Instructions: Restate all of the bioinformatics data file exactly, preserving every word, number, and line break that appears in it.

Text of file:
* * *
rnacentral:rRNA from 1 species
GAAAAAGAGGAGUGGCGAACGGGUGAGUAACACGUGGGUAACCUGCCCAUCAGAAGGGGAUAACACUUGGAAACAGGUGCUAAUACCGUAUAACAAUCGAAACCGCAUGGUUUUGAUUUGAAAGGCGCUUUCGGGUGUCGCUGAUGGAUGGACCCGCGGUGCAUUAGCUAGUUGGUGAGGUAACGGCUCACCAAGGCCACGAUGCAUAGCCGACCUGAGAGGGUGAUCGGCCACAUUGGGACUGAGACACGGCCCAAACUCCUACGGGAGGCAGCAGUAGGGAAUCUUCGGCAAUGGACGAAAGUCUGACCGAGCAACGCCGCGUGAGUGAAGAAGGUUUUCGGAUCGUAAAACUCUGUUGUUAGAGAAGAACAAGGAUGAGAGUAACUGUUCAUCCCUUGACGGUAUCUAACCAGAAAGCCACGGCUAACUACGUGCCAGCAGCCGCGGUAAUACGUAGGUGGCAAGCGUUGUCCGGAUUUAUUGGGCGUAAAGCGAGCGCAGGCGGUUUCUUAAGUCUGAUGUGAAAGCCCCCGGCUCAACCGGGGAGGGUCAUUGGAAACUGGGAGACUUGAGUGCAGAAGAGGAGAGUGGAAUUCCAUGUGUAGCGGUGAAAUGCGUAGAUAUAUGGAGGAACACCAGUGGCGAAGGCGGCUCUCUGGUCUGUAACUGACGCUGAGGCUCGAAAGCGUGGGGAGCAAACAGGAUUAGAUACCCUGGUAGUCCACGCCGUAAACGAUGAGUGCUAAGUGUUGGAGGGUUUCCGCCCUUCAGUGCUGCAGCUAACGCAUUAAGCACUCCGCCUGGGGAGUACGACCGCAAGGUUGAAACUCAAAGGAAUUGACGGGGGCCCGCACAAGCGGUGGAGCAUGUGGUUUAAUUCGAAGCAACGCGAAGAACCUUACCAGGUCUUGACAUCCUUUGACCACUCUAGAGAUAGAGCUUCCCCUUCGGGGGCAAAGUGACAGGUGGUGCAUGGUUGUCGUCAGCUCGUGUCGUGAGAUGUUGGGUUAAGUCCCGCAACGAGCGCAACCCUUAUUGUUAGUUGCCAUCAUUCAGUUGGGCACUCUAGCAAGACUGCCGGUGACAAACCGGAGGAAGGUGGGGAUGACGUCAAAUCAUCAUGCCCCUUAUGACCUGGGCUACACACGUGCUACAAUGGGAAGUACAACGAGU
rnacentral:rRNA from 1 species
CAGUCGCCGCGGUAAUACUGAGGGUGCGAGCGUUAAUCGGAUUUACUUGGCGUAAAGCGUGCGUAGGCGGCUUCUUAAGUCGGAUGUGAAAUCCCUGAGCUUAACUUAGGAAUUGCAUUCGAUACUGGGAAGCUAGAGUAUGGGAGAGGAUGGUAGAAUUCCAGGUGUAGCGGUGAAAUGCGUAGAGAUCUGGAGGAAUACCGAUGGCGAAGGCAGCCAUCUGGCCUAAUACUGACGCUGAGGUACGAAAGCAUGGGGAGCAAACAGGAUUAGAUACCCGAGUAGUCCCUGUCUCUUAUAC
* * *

rnacentral:rRNA from 1 species
GAAAAAGAGGAGUGGCGAACGGGUGAGUAACACGUGGGUAACCUGCCCAUCAGAAGGGGAUAACACUUGGAAACAGGUGCUAAUACCGUAUAACAAUCGAAACCGCAUGGUUUUGAUUUGAAAGGCGCUUUCGGGUGUCGCUGAUGGAUGGACCCGCGGUGCAUUAGCUAGUUGGUGAGGUAACGGCUCACCAAGGCCACGAUGCAUAGCCGACCUGAGAGGGUGAUCGGCCACAUUGGGACUGAGACACGGCCCAAACUCCUACGGGAGGCAGCAGUAGGGAAUCUUCGGCAAUGGACGAAAGUCUGACCGAGCAACGCCGCGUGAGUGAAGAAGGUUUUCGGAUCGUAAAACUCUGUUGUUAGAGAAGAACAAGGAUGAGAGUAACUGUUCAUCCCUUGACGGUAUCUAACCAGAAAGCCACGGCUAACUACGUGCCAGCAGCCGCGGUAAUACGUAGGUGGCAAGCGUUGUCCGGAUUUAUUGGGCGUAAAGCGAGCGCAGGCGGUUUCUUAAGUCUGAUGUGAAAGCCCCCGGCUCAACCGGGGAGGGUCAUUGGAAACUGGGAGACUUGAGUGCAGAAGAGGAGAGUGGAAUUCCAUGUGUAGCGGUGAAAUGCGUAGAUAUAUGGAGGAACACCAGUGGCGAAGGCGGCUCUCUGGUCUGUAACUGACGCUGAGGCUCGAAAGCGUGGGGAGCAAACAGGAUUAGAUACCCUGGUAGUCCACGCCGUAAACGAUGAGUGCUAAGUGUUGGAGGGUUUCCGCCCUUCAGUGCUGCAGCUAACGCAUUAAGCACUCCGCCUGGGGAGUACGACCGCAAGGUUGAAACUCAAAGGAAUUGACGGGGGCCCGCACAAGCGGUGGAGCAUGUGGUUUAAUUCGAAGCAACGCGAAGAACCUUACCAGGUCUUGACAUCCUUUGACCACUCUAGAGAUAGAGCUUCCCCUUCGGGGGCAAAGUGACAGGUGGUGCAUGGUUGUCGUCAGCUCGUGUCGUGAGAUGUUGGGUUAAGUCCCGCAACGAGCGCAACCCUUAUUGUUAGUUGCCAUCAUUCAGUUGGGCACUCUAGCAAGACUGCCGGUGACAAACCGGAGGAAGGUGGGGAUGACGUCAAAUCAUCAUGCCCCUUAUGACCUGGGCUACACACGUGCUACAAUGGGAAGUACAACGAGU
rnacentral:rRNA from 1 species
CAGUCGCCGCGGUAAUACUGAGGGUGCGAGCGUUAAUCGGAUUUACUUGGCGUAAAGCGUGCGUAGGCGGCUUCUUAAGUCGGAUGUGAAAUCCCUGAGCUUAACUUAGGAAUUGCAUUCGAUACUGGGAAGCUAGAGUAUGGGAGAGGAUGGUAGAAUUCCAGGUGUAGCGGUGAAAUGCGUAGAGAUCUGGAGGAAUACCGAUGGCGAAGGCAGCCAUCUGGCCUAAUACUGACGCUGAGGUACGAAAGCAUGGGGAGCAAACAGGAUUAGAUACCCGAGUAGUCCCUGUCUCUUAUAC